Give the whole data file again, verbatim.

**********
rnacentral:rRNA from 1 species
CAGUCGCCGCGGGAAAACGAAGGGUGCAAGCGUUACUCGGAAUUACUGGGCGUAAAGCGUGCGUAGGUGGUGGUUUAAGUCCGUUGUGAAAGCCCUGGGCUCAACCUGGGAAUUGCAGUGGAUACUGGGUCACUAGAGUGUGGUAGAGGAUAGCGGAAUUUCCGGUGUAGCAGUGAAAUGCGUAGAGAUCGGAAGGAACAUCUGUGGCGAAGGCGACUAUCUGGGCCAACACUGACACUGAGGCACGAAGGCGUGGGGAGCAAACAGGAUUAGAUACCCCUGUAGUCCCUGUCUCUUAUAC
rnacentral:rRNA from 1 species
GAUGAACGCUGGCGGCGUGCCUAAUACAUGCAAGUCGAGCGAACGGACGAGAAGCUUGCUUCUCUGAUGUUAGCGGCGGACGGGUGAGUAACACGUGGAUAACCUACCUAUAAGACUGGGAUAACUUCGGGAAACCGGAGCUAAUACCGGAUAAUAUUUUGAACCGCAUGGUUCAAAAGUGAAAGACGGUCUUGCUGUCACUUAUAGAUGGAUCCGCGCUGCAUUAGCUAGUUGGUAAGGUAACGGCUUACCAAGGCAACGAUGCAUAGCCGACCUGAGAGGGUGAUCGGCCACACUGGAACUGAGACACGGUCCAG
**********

rnacentral:rRNA from 1 species
CAGUCGCCGCGGGAAAACGAAGGGUGCAAGCGUUACUCGGAAUUACUGGGCGUAAAGCGUGCGUAGGUGGUGGUUUAAGUCCGUUGUGAAAGCCCUGGGCUCAACCUGGGAAUUGCAGUGGAUACUGGGUCACUAGAGUGUGGUAGAGGAUAGCGGAAUUUCCGGUGUAGCAGUGAAAUGCGUAGAGAUCGGAAGGAACAUCUGUGGCGAAGGCGACUAUCUGGGCCAACACUGACACUGAGGCACGAAGGCGUGGGGAGCAAACAGGAUUAGAUACCCCUGUAGUCCCUGUCUCUUAUAC
rnacentral:rRNA from 1 species
GAUGAACGCUGGCGGCGUGCCUAAUACAUGCAAGUCGAGCGAACGGACGAGAAGCUUGCUUCUCUGAUGUUAGCGGCGGACGGGUGAGUAACACGUGGAUAACCUACCUAUAAGACUGGGAUAACUUCGGGAAACCGGAGCUAAUACCGGAUAAUAUUUUGAACCGCAUGGUUCAAAAGUGAAAGACGGUCUUGCUGUCACUUAUAGAUGGAUCCGCGCUGCAUUAGCUAGUUGGUAAGGUAACGGCUUACCAAGGCAACGAUGCAUAGCCGACCUGAGAGGGUGAUCGGCCACACUGGAACUGAGACACGGUCCAG